“Biden’s African American firewall showing cracks” via Laura Barrón-López and Alex Thompson of POLITICCO — Biden’s advisers have repeatedly downplayed the need for him to win in predominantly white Iowa and New Hampshire — while boasting of his strength in Southern states where black voters often dominate. And the polls, to date, back up their theory that that’s his path to the nomination. But if Biden’s firewall ever cracks — and there are some signs it’s softening in recent surveys — it will likely start with young black women, according to interviews with a dozen African American female organizers, lawmakers and activists who are heavily involved in the Democratic primary election or closely tracking the mood of black voters.
— THE TRAIL —
“’At your mercy’: Behind scenes, ethics prosecutor pleaded with FBI to assist in Andrew Gillum case” via Jeff Burlew of the Tallahassee Democrat — Emails detail conversations Elizabeth Miller, prosecutor for the Florida Commission on Ethics, had with the FBI leading up to Gillum’s hearing, which ended in a settlement before any witnesses could take the stand. They show she badly wanted undercover agent “Mike Miller” to testify, certain he would confirm allegations that the bureau, not Gillum, paid for the Broadway show and other Big Apple expenses. She went so far as to draft an affidavit of damning testimony she believed the FBI agent would provide. The affidavit contradicted Gillum’s account of the New York trip, saying he got his “Hamilton” ticket directly from the FBI agent, not his brother, Marcus Gillum, who showed up late and got his ticket at will call.
“Michael Waltz picks up $159K for reelection bid in CD 6” via Scott Powers of Florida Politics — Waltz’ haul included an $11,000 transfer to his official campaign from a joint fundraising committee he co-runs, gives him $636,000 raised toward his reelection effort, and about $393,000 in the bank. Waltz’s biggest benefactor of the quarter comes from Daytona Beach-based NASCAR and that sport’s chief executive officer, James France. International Speedway Corp., the parent company of NASCAR, contributed $50,000 to the HRW Victory Fund, which in turn transferred $11,113 to Waltz’s campaign. HRW has been supporting Waltz, Republican U.S. Rep. Richard Hudson of North Carolina, and U.S. Rep. Tom Reed of New York, and the National Republican Congressional Committee.
Save the date:
“Lake County warns of voter registration mailings being sent to dead people” via Gabriella Nunez and Amanda Castro of WKMG — The Lake County Supervisor of Elections Office is warning residents about out-of-state voter registration mailers that have been addressed to dead people. The office says the documents are being sent from Virginia and are encouraging people to register to vote. Election officials have learned AmericaFirstPolicies.org is behind the campaign.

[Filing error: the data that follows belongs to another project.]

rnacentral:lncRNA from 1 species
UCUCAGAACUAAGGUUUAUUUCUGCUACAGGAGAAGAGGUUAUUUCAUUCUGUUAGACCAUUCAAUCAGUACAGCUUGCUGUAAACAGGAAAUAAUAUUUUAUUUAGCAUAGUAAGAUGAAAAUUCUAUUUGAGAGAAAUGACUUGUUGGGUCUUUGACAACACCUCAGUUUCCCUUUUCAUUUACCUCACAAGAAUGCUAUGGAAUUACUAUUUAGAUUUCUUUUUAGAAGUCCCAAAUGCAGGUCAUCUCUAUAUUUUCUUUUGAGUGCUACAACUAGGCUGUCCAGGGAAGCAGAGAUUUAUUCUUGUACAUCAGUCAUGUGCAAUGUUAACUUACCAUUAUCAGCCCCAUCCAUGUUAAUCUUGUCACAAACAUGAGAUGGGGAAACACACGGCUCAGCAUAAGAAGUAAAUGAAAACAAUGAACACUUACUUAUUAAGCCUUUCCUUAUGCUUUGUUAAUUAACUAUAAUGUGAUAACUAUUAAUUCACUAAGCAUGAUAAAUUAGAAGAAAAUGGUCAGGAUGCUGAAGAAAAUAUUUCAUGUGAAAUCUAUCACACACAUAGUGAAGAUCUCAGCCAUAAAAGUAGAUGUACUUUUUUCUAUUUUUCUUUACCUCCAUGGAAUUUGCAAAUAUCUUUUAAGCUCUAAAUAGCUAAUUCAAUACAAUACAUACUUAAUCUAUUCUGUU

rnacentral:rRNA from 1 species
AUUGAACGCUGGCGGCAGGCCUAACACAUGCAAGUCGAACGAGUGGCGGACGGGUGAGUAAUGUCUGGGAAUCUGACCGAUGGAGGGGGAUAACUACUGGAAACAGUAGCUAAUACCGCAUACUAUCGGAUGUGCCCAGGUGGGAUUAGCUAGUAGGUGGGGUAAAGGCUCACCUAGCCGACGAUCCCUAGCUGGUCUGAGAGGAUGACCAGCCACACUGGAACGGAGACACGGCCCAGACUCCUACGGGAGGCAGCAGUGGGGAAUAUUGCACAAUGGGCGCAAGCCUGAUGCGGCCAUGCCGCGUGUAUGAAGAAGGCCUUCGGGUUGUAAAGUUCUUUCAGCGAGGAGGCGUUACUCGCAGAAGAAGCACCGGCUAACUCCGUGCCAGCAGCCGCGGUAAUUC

— LOCAL —
“Judge rejects injunction to stop Jacksonville’s ‘simulated gambling’ ban” via Steve Patterson of the Florida Times-Union — A lawyer for three businesses operating internet cafes argued the ban illegally violated free-speech rights by restricting video games central to the cafes, but U.S. District Judge Brian Davis was unconvinced. “This court finds … that plaintiffs are unlikely to show that the ordinances run afoul of the United States Constitution,” he wrote. Davis said similar arguments already were shot down in separate federal lawsuits in Tampa and Central Florida, where the internet cafes’ lawyer, Kelly Mathis, had represented part of the ill-fated organization Allied Veterans of the World.
“New USF consolidation plan promises authority to leaders in St. Petersburg, Sarasota” via Megan Reeves of the Tampa Bay Times — Emailed to students and faculty, the plan says leaders on those campuses will have “clear responsibility and accountability” over academic and budgetary decisions, plus direct reporting lines to USF president Steve Currall as part of his executive cabinet. The new plan — labeled “version 2.0″ — was developed together with the regional chancellors, as well as USF provost Ralph Wilcox, who is based on the larger Tampa campus. Further refinements are expected in “version 3.0,” which will be presented to the USF Board of Trustees Dec. 3 for approval.
“He ran Miami-Dade’s ethics commission. Now he’s the new watchdog for Miami Beach.” via Aaron Leibowitz of the Miami Herald — Joseph Centorino, who was the executive director and general counsel of the county’s Commission on Ethics and Public Trust from 2011 to 2018, was selected from 60 applicants to lead the newly created inspector general’s office in Miami Beach. Miami Beach commissioners unanimously voted to allow the city attorney to negotiate a contract with Centorino, encouraging him to focus on identifying wasteful spending. “It’s all about efficiency,” said Commissioner Mark Samuelian. “This is an exciting day for Miami Beach. It is a great day for good government.”
“Palm Beach County benefits from 2017 federal tax cut” via Mike Vogel of Florida Trend — Around 2013, as high-tax northern states elected to ding their residents for more taxes, the Palm Beach County Business Development Board began knocking on the doors of financiers who lived part-time in the county to sell them on relocating their operations to Florida. Interest accelerated when the 2017 federal Tax Cut and Jobs Act limited state and local tax deductions for high-income individuals. Kelly Smallridge, president and CEO of the board, says the effort has resulted in 70 financial services firms moving to Palm Beach County in the last five years, and the board is working with 15 more. “Wealth management firms seem to top the list, along with private equity and family offices,” she says.